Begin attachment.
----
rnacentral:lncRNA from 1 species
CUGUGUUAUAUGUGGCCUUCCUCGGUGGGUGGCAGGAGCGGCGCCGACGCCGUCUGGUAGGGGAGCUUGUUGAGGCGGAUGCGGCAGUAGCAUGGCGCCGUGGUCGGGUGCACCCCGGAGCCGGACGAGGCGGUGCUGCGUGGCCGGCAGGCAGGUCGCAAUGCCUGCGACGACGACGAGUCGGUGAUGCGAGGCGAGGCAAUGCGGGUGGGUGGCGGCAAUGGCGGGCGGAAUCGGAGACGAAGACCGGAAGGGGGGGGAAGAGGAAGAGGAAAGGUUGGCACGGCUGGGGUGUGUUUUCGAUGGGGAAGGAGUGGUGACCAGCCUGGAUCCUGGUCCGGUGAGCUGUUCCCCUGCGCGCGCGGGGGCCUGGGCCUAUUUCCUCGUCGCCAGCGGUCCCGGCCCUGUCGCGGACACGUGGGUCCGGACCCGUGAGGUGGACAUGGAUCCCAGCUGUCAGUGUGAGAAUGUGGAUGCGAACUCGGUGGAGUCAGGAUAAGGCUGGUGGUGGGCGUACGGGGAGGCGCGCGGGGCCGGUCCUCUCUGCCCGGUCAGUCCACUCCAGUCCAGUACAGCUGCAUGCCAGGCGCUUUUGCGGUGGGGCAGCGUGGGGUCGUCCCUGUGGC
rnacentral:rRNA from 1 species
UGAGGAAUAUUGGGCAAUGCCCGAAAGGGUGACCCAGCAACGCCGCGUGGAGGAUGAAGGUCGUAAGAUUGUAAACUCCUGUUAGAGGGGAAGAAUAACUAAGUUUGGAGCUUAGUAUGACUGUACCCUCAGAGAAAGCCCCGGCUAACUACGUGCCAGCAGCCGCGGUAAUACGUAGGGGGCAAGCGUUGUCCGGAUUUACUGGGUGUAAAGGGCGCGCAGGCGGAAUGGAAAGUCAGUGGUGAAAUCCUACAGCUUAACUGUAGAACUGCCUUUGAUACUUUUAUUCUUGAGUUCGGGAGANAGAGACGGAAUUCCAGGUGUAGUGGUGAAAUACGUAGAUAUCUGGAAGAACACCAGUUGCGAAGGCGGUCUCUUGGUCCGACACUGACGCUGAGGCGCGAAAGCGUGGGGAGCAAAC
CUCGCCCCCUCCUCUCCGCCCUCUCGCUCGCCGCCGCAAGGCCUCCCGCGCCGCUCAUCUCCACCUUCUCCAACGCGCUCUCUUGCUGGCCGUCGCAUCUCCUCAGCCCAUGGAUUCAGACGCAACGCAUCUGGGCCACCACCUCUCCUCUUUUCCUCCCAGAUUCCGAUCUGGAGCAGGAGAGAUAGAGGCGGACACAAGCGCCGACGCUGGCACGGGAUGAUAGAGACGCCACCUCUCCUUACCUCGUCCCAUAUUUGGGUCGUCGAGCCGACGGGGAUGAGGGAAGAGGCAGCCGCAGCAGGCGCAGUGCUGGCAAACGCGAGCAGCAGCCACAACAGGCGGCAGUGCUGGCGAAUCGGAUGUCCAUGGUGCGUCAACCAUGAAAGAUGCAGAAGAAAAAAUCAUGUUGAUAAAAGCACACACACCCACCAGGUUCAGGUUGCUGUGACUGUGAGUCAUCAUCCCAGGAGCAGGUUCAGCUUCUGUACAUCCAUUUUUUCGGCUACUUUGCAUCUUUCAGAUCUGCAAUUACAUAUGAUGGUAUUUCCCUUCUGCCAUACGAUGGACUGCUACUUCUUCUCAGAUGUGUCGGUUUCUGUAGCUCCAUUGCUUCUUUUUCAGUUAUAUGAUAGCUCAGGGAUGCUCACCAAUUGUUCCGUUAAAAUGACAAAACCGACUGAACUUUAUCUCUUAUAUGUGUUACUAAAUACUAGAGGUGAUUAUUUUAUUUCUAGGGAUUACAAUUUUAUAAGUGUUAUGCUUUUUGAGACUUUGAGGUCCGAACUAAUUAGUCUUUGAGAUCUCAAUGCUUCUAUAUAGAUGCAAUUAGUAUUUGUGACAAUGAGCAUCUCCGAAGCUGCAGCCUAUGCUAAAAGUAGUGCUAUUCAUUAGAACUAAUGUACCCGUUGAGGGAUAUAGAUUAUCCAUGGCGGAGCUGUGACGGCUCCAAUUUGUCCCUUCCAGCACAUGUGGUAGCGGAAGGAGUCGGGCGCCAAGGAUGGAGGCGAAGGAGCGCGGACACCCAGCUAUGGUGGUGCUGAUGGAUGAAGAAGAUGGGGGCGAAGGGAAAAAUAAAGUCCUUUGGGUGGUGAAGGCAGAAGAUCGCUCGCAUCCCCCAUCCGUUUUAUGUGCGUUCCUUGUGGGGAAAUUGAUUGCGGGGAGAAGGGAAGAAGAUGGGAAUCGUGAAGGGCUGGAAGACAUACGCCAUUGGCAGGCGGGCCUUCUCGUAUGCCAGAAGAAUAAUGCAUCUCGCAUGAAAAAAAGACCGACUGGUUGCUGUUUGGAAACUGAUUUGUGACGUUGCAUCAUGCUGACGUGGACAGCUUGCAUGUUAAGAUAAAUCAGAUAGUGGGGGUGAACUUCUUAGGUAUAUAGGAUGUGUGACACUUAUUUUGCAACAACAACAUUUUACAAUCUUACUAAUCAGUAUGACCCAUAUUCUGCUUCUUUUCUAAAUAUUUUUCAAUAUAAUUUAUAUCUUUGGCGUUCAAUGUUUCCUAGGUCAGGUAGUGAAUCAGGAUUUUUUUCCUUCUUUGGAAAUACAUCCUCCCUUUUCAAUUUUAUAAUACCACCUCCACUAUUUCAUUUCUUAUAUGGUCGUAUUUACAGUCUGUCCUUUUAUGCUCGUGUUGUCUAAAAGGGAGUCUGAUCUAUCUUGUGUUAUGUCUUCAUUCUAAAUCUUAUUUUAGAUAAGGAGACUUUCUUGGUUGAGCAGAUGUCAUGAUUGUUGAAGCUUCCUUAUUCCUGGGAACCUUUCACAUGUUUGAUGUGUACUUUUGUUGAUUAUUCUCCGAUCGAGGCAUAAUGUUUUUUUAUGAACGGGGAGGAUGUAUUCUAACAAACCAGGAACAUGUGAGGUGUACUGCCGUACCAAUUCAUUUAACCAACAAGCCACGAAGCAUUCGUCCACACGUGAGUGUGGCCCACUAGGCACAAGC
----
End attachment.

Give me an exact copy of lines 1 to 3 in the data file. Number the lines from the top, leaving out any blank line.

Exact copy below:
rnacentral:lncRNA from 1 species
CUGUGUUAUAUGUGGCCUUCCUCGGUGGGUGGCAGGAGCGGCGCCGACGCCGUCUGGUAGGGGAGCUUGUUGAGGCGGAUGCGGCAGUAGCAUGGCGCCGUGGUCGGGUGCACCCCGGAGCCGGACGAGGCGGUGCUGCGUGGCCGGCAGGCAGGUCGCAAUGCCUGCGACGACGACGAGUCGGUGAUGCGAGGCGAGGCAAUGCGGGUGGGUGGCGGCAAUGGCGGGCGGAAUCGGAGACGAAGACCGGAAGGGGGGGGAAGAGGAAGAGGAAAGGUUGGCACGGCUGGGGUGUGUUUUCGAUGGGGAAGGAGUGGUGACCAGCCUGGAUCCUGGUCCGGUGAGCUGUUCCCCUGCGCGCGCGGGGGCCUGGGCCUAUUUCCUCGUCGCCAGCGGUCCCGGCCCUGUCGCGGACACGUGGGUCCGGACCCGUGAGGUGGACAUGGAUCCCAGCUGUCAGUGUGAGAAUGUGGAUGCGAACUCGGUGGAGUCAGGAUAAGGCUGGUGGUGGGCGUACGGGGAGGCGCGCGGGGCCGGUCCUCUCUGCCCGGUCAGUCCACUCCAGUCCAGUACAGCUGCAUGCCAGGCGCUUUUGCGGUGGGGCAGCGUGGGGUCGUCCCUGUGGC
rnacentral:rRNA from 1 species